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Peter Murray

You’ve still just got time to catch the exhibition that has been put together by The Architects Benevolent Society as part of the London Festival of Architecture. Hosted by current ABS President, Angela Brady OBE at her Brady Mallalieu Architects studio in Caledonian Road, the exhibition – “Let us take you by the hand and lead you through some memories of London” – runs until this Friday 30th June, 1-6pm. The exhibition was opened by Rowan Moore, author of ‘Slow Burn City’ and architecture critic for the Observer, who gave an interesting and insightful talk.

In line with LFA’s theme of Memory, the exhibition features a range of images depicting significant personal memories of buildings or views in London, created by our beneficiaries and supporters, including some eminent architects and artists. The images capture the diversity of architecture in London, innovations throughout the years, as well as the personal stories which give insight into why such a lasting memory was evoked. The exhibition has been curated by some talented architecture students from the University of Westminster. Read more at www.absnet.org.uk/LFA.

An online auction, which gives the opportunity to buy one of these truly impressive and personal pieces of art, is now open until 30th June. Proceeds from the auction will go towards helping those in the architectural community in times of need. Bid now at www.absnet.org.uk/auction

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Peter Murray

Join Mark Davy, CEO Futurecity for this very special curator led tour of Transcending Boundaries, three rooms of immersive installations, two of which have never been seen before, and which includes work from Illuminated River competition winner Leo Villarreal.

The tour is free to London Society members. Tickets are limited and can be reserved here.

 

Transcending Boundaries is a stunning, beautiful and immersive set of artworks that explores the role of digital technology in transcending the physical and conceptual boundaries that exist between different artworks, with imagery from one work breaking free of the frame and entering the space of another. The installations also dissolve distinctions between artwork and exhibition space, and involve the viewer through interactivity.

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Peter Murray

view-looking-to-the-apollo-recess-and-dome-area-from-the-sepulchral-chamber-photo_-gareth-gardnerIf you haven’t visited the Sir John Soane’s Museum for a while, you’re in for a surprise (reports Andrew Humphreys). It’s more beguiling and madcap than ever. Just last month, a seven-year, £7m programme of restoration concluded that has returned the unique Georgian house-cum-museum to the original design of neoclassical architect and collector Sir John Soane.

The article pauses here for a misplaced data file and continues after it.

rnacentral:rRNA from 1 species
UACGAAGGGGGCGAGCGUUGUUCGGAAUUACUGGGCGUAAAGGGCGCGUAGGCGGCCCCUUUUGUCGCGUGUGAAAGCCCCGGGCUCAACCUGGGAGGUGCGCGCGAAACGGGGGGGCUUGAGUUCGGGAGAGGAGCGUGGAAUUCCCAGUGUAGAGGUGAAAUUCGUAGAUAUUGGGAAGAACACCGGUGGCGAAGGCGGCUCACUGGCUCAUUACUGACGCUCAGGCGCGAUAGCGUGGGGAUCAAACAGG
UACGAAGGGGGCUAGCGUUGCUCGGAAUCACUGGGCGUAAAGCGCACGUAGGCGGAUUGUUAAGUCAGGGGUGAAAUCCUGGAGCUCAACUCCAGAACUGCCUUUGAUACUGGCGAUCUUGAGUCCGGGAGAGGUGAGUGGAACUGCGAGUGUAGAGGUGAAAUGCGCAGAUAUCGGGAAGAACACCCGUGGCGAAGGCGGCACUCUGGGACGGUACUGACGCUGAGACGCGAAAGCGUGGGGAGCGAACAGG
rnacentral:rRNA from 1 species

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Peter Murray
Andrew Humphreys visits the Edward Ardizzone exhibition at the House of Illustration in Granary Square, King’s Cross.
image-from-little-tim-and-the-brave-sea-captain-estate-of-edward-ardizzone
In recent times, a bunch of artists from the mid 20th century who embody a kind of bucolic Englishness that has traditionally caused cosmopolitan critics to squirm uncomfortably, have been welcomed back into the fold. A mini publishing industry currently exists around the likes of Edward Bawden and Eric Ravilious. Now it’s the turn of Edward Ardizzone, thanks to a just opened show at London’s House of Illustration.
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Peter Murray

 

Running at the Building Centre, 22 Store Street until 26 August, Lenses On A Landscape Genius brings together leading photographers to explore and celebrate the work of Lancelot ‘Capability’ Brown. With over 100 photographs and video, this unique exhibition is curated as part of the year-long Capability Brown Festival, which marks the tercentenary of the eminent landscape architect’s birth.

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Matthew Bruce: Gatton, Dawn

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Peter Murray

 

You will have seen Grant Smith‘s wonderful photographs of artisan food craftspeople in the recent issue of the Journal, and now those pictures and many others by Grant are on display at the New London Architecture gallery in the Building Centre, Store Street, WC2.

The images celebrate and documents some of the artisan food producers of London, including Wilde’s Cheese, the House of Sverre, smokers of salmon, Dalston Cola, Pavilion Bakers and the brewers Crate proudly displaying their produce.

The exhibition runs until 30 May, is free and well worth a visit.20160202_gcs_0084_6807ce46163e382_960_539

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Peter Murray

 

The most recent issue of the Journal of the London Society focussed on ‘Making London’, the vast array of different businesses and industries that still have their home in the capital. An exhibition at the Institution of Civil Engineers also uses this theme in part of the works on display.

River People, an exhibition by Wandsworth-based photographer Matthew Joseph, runs from 22 April until 3 June and documents the lives of people who use the tidal river for work, leisure or travel. It features a number of images from the Superhighway Collection which look at how the Thames has become an integral part of life for residents of London.

River People 1_Retouch_MJP-1LR

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